On Appeal from the District Court of the Virgin Islands (St. Thomas), D.C. Criminal No. 85-114.
Before: SLOVITER, STAPLETON and ROSENN, Circuit Judges.
The district court of the Virgin Islands dismissed with prejudice an information charging defendant Desmond Bryan with grand larceny in violation of 14 V.I.C. 1083(1) and possession of stolen property in violation of 14 V.I.C. 2101(a). The court found that the information was filed more than 30 days after Bryan's arrest and held that it was untimely under the provision of the Speedy Trial Act, 18 U.S.C. § 3161(b), which requires that an information be filed within thirty days of arrest.
The United States Attorney argued that the Speedy Trial Act does not apply to territorial offenses, and that in any event dismissal should be without prejudice because the short additional time taken in filing the information (which was filed 35 days after Bryan's arrest on these charges) was to permit the government to ascertain whether the value of the jeep seat allegedly stolen by Bryan exceeded $100, an element of the crimes charged. In rejecting the prosecution's argument that the Speedy Trial Act was inapplicable to territorial offenses prosecuted in the district court, the district court relied upon the fact that the Administrative Office of the United States Courts and this court had acted as if the Speedy Trial Act applied to territorial offenses by purchasing a Speedy Trial Reporter for the district court. App. at 20. The court also stated that "any Act passed by the Legislature of the Virgin Islands is an Act of Congress." App. at 20. Finally, the court suggested that it was within the supervisory power of the circuit court to apply the provisions of the Speedy Trial Act to local offenses. App. at 21. The district court stated that it would dismiss the indictment with prejudice in the hope that the government would appeal to this court to resolve the question. App. at 20.
Accordingly, before us are the following questions: (1) Does the Speedy Trial Act apply of its own force to territorial offenses prosecuted in the district court of the Virgin Islands? (2) If not, does the District Court of the Virgin Islands have the authority to make the provisions of the Speedy Trial Act applicable to territorial offenses prosecuted in that court by virtue of a Speedy Trial Plan approved by the Judicial Council of the Third Circuit? (3) If there is such authority, does the Speedy Trial Plan adopted do so? and (4) If so, did the district court abuse its discretion by dismissing the information against Bryan with prejudice?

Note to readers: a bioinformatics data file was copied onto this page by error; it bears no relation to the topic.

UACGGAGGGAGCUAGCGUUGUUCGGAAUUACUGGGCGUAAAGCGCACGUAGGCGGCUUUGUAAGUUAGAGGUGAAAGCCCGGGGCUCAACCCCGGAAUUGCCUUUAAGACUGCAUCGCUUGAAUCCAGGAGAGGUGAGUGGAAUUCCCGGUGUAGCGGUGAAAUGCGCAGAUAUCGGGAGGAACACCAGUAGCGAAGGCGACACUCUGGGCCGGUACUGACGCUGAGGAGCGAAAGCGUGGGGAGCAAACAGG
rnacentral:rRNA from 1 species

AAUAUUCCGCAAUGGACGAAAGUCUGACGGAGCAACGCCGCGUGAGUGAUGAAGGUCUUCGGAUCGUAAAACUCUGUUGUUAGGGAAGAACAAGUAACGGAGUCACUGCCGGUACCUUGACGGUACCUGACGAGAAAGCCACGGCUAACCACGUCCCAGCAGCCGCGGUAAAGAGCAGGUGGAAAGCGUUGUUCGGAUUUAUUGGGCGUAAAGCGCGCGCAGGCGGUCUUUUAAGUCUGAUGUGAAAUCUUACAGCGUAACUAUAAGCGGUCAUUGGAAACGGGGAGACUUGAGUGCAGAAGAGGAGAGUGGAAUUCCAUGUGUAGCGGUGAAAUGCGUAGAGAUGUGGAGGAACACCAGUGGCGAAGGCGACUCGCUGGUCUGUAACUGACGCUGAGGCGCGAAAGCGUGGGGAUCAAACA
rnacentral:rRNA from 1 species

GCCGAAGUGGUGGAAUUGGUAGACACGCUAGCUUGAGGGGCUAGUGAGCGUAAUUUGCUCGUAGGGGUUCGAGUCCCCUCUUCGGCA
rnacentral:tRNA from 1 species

The provisions of the Speedy Trial Act limiting the time for bringing an indictment or information, 18 U.S.C. § 3161(b), and providing for dismissal for failure to do so within the time limit, 18 U.S.C. § 3162(a)(1), apply only when the defendant is charged with an "offense". The statute defines an "offense", in relevant part, as "any Federal criminal offense which is in violation of any Act of Congress and is triable by any court established by Act of Congress." 18 U.S.C. § 3172(2). The latter part of the definition is met here because the crimes with which Bryan was charged are triable in the District Court of the Virgin Islands, which is a "court established by Act of Congress."*fn1 See 48 U.S.C. § 1611(a). However, the crimes for which Bryan was charged were established by an Act of the Legislature of the Virgin Islands, not an Act of Congress.
The district court's suggestion that an Act passed by the Legislature of the Virgin Islands is an Act of Congress is contrary to this court's precedent. Under the Revised Organic Act, the "legislative power and authority of the Virgin Islands shall be vested in . . . the 'Legislature of the Virgin Islands'," 48 U.S.C. § 1571(a), and "shall extend to all rightful subjects of legislation not inconsistent with [the Revised Organic Act] or the laws of the United States made applicable to the Virgin Islands." 48 U.S.C. § 1574(a).
In Harris v. Boreham, 233 F.2d 110 (3d Cir. 1956), Judge Maris, writing for the court, stated that, "the aim of Congress [in enacting the then applicable Organic Act] is to give the territory full power of local self-determination. The local laws enacted under the legislative power granted by Congress are accordingly territorial laws, not laws of the United States." Id. at 113. Furthermore, the court expressly rejected the position "that local laws continued in force in a territory by virtue of a provision of its organic act are laws of the United States." Id. at 113 n.4.
With the passage of the Revised Organic Act, Congress intended to grant "a greater degree of autonomy, economic as well as political, to the people of the Virgin Islands." Virgo Corp. v. Paiewonsky, 384 F.2d 569, 576 (3d Cir. 1967), cert. denied, 390 U.S. 1041, 88 S. Ct. 1634, 20 L. Ed. 2d 303 (1968) (quoting S. Rep. No. 1271, 83d Cong., 2d Sess. 2, reprinted in 1954 U.S. Code Cong. & Admin. News, 2585, 2586). As we stated in In re Estate of Hooper, 359 F.2d 569, 578 (3d Cir.), cert. denied, 385 U.S. 903, 87 S. Ct. 206, 17 L. Ed. 2d 133 (1966),
The Territory of the Virgin Islands is a body politic. While not sovereign, in the true sense of that term, the Revised Organic Act has conferred upon it attributes of autonomy similar to those of a sovereign government or a state.
It follows that territorial crimes established by the Legislative of the Virgin Islands are not criminal offenses in violation of an Act of Congress and hence are not "offenses" within the meaning of the Speedy Trial Act. Cf. Government of the Virgin Islands v. Ortiz, 427 F.2d 1043, 1047 (3d Cir. 1970) (territorial crimes are not covered by identical definition of "offense" in Bail Reform Act of 1966). Therefore that Act does not apply of its own force to ...